Franciscan Spirit Blog

Seven Days with the Psalms: Heaven on Earth

It’s the last day of May, and I’ve come to the Holy Family Monastery because my friend Lynn shared that they have an outdoor Stations of the Cross here. I’m desperate. All the churches are closed; mine rings its bells every night at 10:00 p.m. for those who have perished with the coronavirus, now 100,000 dead. The headlines are crushing; a white policeman murdered a black man this week as he was gasping for breath and crying out Mama. The cities in my country explode in outrage and grief. I’ve spent the last three months very alone in the quarantine, but I hunger for the solitude of sinking into a sacred place alone.

Whoever’s designed this retreat spot has done it with thoughtfulness and maintains it with care. I’m grateful for the efforts. I can’t hold the agony of that Mama! alone. I have no specific plan for this morning except to pray, pray slowly. An alabaster statue of Our Lady is glowing against the umber trunks of the edge of the forest. She’s set high within a faux rock wall, fuchsia orchids at her feet. I will save her for last, like saving the thick top of buttercream frosting on a piece of holiday cake.

The Stations of the Cross are set along a well-worn dirt path that curves in the woods. Each station is engraved on a pewter plaque and hung within a wooden triangle on a pole to make a little roof. There are no words, just images sketched of him walking toward his murder. I can identify Jesus Meets His Mother. I challenge myself to name them all, though it’s a bit hard to tell if Jesus has fallen. I follow a sign that reads “Labyrinth,” and it takes a few long minutes of traversing in the woods to find it.

It has the most breathtaking center, another faux rock tower with a deliberate huge hole in the center which encourages being at peace with emptiness, very Zen. The monastery houses an organization called the Copper Beech Institute, where they study mindfulness, yoga, and Zen teachings. It makes my heart open to wander trails that support the Christian beliefs that are mine, and the Eastern philosophies I also alight on. Merton would love it here, and I follow his example. If separate faiths can overlap, harmonize, it stirs hope.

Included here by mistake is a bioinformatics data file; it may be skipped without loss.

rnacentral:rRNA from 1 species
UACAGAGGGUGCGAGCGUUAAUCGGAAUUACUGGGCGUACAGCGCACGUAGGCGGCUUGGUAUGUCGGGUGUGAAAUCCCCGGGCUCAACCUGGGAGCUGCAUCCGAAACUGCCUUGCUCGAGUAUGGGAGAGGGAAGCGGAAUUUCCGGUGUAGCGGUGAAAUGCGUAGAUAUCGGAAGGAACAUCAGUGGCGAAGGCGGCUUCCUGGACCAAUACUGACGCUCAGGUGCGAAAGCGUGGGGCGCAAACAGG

I head back through the dappled paths to the stone benches near the parking lot. I settle in with my notebook and look up at the sturdy flagpole, thirty feet in the air with a brass knob on the top. It blows with long powder-blue and white streamers, a pair clipped to each side, north, south, east, west, made of weather-resistant material. The scantest wind lifts them. They twist and flutter. Somehow, they never get tangled, producing such a gentle sound that the bumble bee that rises is discordant in comparison. Clouds pass for a long while. The streamers move together in the sky, airborne, flying this way and that on the Peace Pole. There’s no country’s flag on the pole. Just streamers. Is this what people think of when they think of heaven?

Thy will be done on earth as it is in heaven.

I wonder if it could happen—could we have more heaven here on earth?

Wisdom from the Psalms

The psalms repeatedly encourage us to tell the truth of how hard life can be.

“How long Lord? Will you utterly forget me? How long must I carry sorrow in my soul, grief in my heart day after day?” (Ps 13:1-3).

Can you bring your deepest sorrow directly to God today? See if, after doing so, your heart can now pivot and be filled with peace.

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